GREEN BAY – In the final two exhibition games before the regular season starts, think of the Green Bay Packers’ starting tackles as Kyle Murphy and Jason Spriggs.
Then take a deep breath.
Because what you are about to see — starting with Friday night’s game against the Oakland Raiders in Oakland — might not always be pretty. But those two will be all the Packers have this season between some pretty good pass rushers and quarterback Aaron Rodgers should something happen to left tackle David Bakhtiari and/or right tackle Bryan Bulaga.
Odds are neither of those two starters makes it through the year without missing time. The Packers would be extraordinarily lucky — not to mention, a lot better team — if both made it through the season without injury.
It is a fact of life in the NFL that a half dozen or so teams have a left tackle as good as Bakhtiari, a handful have a tackle as good as Bulaga to go along with him, and almost no one has a third tackle with starter ability.
The Packers tried to be that team when they drafted Spriggs in the second round of the 2016 draft.
But as is often the case in the NFL, a second-round pick may not turn out to be as good as a fourth-round pick (Bakhtiari), and disappointment is usually the result.
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New general manager Brian Gutekunst drafted one offensive lineman this year — Cole Madison — but even though he played tackle in college, he was projected as a guard. The Packers never found out whether he could insert himself in the mix because he hasn’t reported to camp due to a personal issue.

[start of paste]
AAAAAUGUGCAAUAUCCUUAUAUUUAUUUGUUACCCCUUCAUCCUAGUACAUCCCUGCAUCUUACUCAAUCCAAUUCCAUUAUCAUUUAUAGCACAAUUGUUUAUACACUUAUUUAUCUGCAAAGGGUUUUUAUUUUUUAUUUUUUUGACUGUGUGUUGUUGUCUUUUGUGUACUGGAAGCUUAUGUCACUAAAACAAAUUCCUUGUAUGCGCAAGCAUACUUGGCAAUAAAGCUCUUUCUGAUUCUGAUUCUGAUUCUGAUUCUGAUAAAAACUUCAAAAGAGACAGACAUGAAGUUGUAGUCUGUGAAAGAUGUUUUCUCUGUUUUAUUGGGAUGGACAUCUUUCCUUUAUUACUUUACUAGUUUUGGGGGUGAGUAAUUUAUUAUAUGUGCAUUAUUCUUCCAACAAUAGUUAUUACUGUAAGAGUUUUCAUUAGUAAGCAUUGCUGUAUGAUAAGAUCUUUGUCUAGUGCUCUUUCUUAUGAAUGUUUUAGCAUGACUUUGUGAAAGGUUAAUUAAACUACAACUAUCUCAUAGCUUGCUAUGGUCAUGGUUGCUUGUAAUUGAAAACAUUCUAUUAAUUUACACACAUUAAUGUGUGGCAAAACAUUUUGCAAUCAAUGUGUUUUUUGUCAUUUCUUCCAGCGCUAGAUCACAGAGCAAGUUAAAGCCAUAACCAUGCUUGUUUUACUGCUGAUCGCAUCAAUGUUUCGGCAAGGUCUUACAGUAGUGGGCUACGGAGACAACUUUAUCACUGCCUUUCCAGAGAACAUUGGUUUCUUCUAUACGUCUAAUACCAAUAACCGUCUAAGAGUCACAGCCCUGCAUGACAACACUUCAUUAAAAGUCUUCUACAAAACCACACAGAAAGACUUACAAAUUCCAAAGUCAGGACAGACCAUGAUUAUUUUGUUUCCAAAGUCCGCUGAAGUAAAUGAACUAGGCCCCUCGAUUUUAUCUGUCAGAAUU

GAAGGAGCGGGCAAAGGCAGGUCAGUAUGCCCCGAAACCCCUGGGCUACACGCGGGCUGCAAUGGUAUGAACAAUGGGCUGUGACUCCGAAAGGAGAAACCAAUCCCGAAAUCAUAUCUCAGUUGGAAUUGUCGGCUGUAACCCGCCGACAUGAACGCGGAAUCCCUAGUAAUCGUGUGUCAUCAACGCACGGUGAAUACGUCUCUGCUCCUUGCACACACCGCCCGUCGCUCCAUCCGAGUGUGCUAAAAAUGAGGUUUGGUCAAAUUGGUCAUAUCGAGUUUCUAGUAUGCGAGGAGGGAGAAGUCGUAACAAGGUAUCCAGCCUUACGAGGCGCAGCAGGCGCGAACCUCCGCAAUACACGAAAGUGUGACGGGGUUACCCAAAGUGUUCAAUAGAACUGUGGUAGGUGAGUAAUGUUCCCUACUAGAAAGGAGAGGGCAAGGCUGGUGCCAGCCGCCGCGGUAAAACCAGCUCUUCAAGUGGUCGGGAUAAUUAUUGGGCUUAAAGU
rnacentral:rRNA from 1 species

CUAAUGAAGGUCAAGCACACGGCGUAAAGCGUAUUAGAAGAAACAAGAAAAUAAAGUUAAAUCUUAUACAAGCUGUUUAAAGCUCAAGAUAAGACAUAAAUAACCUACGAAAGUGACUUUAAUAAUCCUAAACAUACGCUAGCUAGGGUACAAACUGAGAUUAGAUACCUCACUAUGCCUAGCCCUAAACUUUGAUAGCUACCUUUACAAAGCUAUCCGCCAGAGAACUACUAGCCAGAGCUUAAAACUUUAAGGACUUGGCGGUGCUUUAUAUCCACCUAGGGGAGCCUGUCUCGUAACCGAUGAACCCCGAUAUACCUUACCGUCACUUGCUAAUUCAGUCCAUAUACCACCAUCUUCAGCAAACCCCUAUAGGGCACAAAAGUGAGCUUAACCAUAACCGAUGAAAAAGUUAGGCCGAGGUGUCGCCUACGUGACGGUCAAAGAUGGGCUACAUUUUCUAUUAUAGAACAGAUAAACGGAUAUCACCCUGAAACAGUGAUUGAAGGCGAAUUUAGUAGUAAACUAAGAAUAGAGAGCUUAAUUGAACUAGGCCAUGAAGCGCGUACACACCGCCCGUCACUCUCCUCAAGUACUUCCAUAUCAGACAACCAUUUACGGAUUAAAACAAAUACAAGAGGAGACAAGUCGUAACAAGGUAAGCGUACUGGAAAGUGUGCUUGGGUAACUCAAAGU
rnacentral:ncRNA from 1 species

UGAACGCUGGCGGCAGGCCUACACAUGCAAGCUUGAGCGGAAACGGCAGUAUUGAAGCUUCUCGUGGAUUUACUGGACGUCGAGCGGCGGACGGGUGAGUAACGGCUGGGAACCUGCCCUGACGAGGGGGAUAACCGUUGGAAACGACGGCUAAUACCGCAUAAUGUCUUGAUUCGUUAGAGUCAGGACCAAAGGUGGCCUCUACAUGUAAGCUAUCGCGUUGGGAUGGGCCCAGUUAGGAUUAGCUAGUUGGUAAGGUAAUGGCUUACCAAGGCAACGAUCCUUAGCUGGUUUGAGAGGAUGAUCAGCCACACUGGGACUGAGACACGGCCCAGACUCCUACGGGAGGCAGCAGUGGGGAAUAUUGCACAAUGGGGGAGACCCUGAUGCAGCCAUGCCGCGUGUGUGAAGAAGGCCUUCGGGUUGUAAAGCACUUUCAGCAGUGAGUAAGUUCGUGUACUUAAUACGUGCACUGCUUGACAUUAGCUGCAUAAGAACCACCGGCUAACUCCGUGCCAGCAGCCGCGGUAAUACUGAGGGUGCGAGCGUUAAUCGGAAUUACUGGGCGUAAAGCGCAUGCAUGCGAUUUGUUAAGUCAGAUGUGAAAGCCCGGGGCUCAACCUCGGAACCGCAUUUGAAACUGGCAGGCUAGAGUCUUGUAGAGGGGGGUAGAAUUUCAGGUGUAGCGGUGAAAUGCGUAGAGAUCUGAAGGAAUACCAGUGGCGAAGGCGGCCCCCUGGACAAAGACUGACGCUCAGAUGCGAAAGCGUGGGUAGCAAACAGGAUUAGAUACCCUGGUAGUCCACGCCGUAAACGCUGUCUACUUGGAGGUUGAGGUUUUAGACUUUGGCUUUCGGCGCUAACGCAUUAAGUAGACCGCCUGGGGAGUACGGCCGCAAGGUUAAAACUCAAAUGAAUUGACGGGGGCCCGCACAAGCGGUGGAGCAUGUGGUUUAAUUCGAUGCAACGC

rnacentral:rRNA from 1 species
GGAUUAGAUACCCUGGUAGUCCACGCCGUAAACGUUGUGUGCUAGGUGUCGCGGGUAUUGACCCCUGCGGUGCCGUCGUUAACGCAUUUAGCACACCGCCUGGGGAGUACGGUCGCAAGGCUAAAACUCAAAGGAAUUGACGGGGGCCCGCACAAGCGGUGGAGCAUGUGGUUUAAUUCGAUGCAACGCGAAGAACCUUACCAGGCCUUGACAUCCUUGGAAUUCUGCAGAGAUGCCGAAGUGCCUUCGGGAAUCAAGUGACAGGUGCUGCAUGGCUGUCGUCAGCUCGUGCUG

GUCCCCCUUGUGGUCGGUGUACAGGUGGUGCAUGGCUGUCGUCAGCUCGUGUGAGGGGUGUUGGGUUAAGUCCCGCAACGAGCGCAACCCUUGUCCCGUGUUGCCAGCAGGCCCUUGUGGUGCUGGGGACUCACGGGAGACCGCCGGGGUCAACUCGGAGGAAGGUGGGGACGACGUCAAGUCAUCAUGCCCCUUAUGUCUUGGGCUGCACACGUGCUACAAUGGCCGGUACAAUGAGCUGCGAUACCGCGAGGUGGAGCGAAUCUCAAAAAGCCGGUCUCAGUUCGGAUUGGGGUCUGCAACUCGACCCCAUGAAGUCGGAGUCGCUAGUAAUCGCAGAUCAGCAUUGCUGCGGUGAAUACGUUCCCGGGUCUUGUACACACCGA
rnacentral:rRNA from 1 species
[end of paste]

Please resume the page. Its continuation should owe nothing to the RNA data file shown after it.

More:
Gutekunst’s other addition was veteran Byron Bell, who is entering his eighth season and has more than 70 starts under his belt. When Spriggs wasn’t giving Mike McCarthy what he wanted out of the backup right tackle position, the Packers coach inserted Bell. But lately Bell has been playing guard and could lock down the top backup spot there.
Where tackle is concerned, if you think Gutekunst is going to find someone on the trade market or after cuts who can keep Rodgers clean, forget it. Tackles are a prime commodity and most teams are lucky to have one good one, so if they get rid of a guy it’s because he’s too old or too injured or no good.
“I’ve always thought it’s really difficult, quite frankly, after you get out of the spring time to find the bigger guys,” Gutekunst said. “It’s much more difficult.
“I kind of feel you can find some legs, guys who can run, but finding big people that can play the game is always one of the most difficult challenges.”
It doesn’t mean Gutekunst won’t stop looking. Maybe there is a Bruce Wilkerson (think 1996) who can come in and be a capable backup, but it would be silly to count on that happening.
The Packers are simply all in on Spriggs and Murphy.
They still have hope that Spriggs becomes more than just a four-year, 53-man roster spot occupant and if you watched the second exhibition game against the Pittsburgh Steelers you could see why.
Playing six series at left tackle and two at right tackle, Spriggs gave up a pressure and narrowly avoided giving up a sack but otherwise was solid when he had one-on-one assignments. His run blocking was decent, better than what he had shown in the past, possibly a result of the 20 pounds he added in the offseason.
What the Packers must see from Spriggs in the final two games is consistency. Playing 40 decent snaps but letting Rodgers get creamed on three others is not acceptable, especially at left tackle where the pass rusher is coming from the quarterback’s blind side.